By Sabrina Almeida
Mississauga, September 25 (CINEWS): Yes, looks are important to Canadians and being clean-shaven can certainly give you an edge. Many of my male friends were given this advice when they came here and quickly shaved off moustaches and beards before they entered the job market. It may seem trivial even discriminatory but they weren’t looking to make a statement or break new ground.
Now NDP leader Tom Mulcair is faced with a similar dilemma (lighten up) as he prepares for the prime ministerial office. Several websites have been a buzz about his beard and whether or not it will hinder his prospects, gaining him a dedicated twitter handle on the subject. One site even offered a look at how he might appear without one. After all, the last time a Canadian prime minister wore a beard or moustache was more than a hundred years ago.
Mulcair of course says he is standing his ground, having lived with a beard since he was 18. In fact he is expecting to start a new trend considering the clamour for more bearded men in office. This should please all the bearded men—from the slightly hesitant with a rugged shadow to the middle-of-the-road goatie and the wild hippie or the full-blown hobo. Nobody’s complaining about Brad Pitt or George Clooney’s beards but I guess they’re not moving into 24 Sussex Drive anytime soon.
While Mulcair has his fans who aren’t deterred by his facial hair, there are others who are quite certain that he should lose it if he expects to have a fair chance. Wow! I’ve never been a fan of beards and solemnly swore never to get involved with a man who had one (I guess I’ve always been Canadian at heart.) but would it influence my vote? Let’s just say everything else being equal it might finally come down to the facial hair thing.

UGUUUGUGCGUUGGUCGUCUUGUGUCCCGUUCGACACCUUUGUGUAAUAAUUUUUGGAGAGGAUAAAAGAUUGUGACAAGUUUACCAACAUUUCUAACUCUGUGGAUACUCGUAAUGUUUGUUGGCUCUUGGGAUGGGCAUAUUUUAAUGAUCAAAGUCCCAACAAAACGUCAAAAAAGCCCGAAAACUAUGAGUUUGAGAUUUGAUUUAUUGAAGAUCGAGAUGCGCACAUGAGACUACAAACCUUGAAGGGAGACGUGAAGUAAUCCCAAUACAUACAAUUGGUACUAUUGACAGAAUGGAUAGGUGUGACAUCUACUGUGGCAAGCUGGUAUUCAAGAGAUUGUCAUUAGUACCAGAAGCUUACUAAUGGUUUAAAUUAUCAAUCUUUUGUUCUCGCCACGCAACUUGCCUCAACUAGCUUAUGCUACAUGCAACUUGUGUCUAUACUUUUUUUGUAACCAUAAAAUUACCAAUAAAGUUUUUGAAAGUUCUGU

I took a look at today’s world leaders and figured that the beard-protesting Canadians might be on to something. EU heads of state tended to be clean-shaven as were most Asian leaders. With the exception of Indian PM Narendra Modi. Most African dignitaries too preferred the clean look. Even Middle-Eastern leaders kept it minimal.
I got pretty entangled in this beard-or-no-beard issue. Would it matter if Liberal leader Justin Trudeau spotted a beard, I wondered. He did wear a well-trimmed goatie or circle beard at one time and his great hair often creeps into the conversation even at election time. Just ask Mr. Harper who couldn’t refrain from a comment breaking away from usual tight-lipped approach. That fact is that several Canadians are consumed with Trudeau’s boyish charm and tempted by the thought of a good-looking prime minister. Perhaps that is an indication of how much of an impact election manifestos are making. That voters can see through their election gimmicks.
I couldn’t however wrap my head around a bearded Mr. Harper. That could certainly lose him the elections I thought. One website had a field day trying to decide what type what suit our Canadian prime minister and I’m happy to report that they didn’t make anything stick.
It’s less than four weeks to elections. Current polls indicate a tie between the Conservatives and Liberals. Even Trudeau has probably acknowledged that and hinted at joining hands with the NDP. Yet here we are debating Mulcair’s beard! Perhaps Canadians are fed up with all the elections we had in the recent years. Worse still is the thought that a minority government or a coalition holds the promise of yet another one. Until then we can only speculate whether the next prime minister will be bearded or clean-shaven and how long before we make the switch!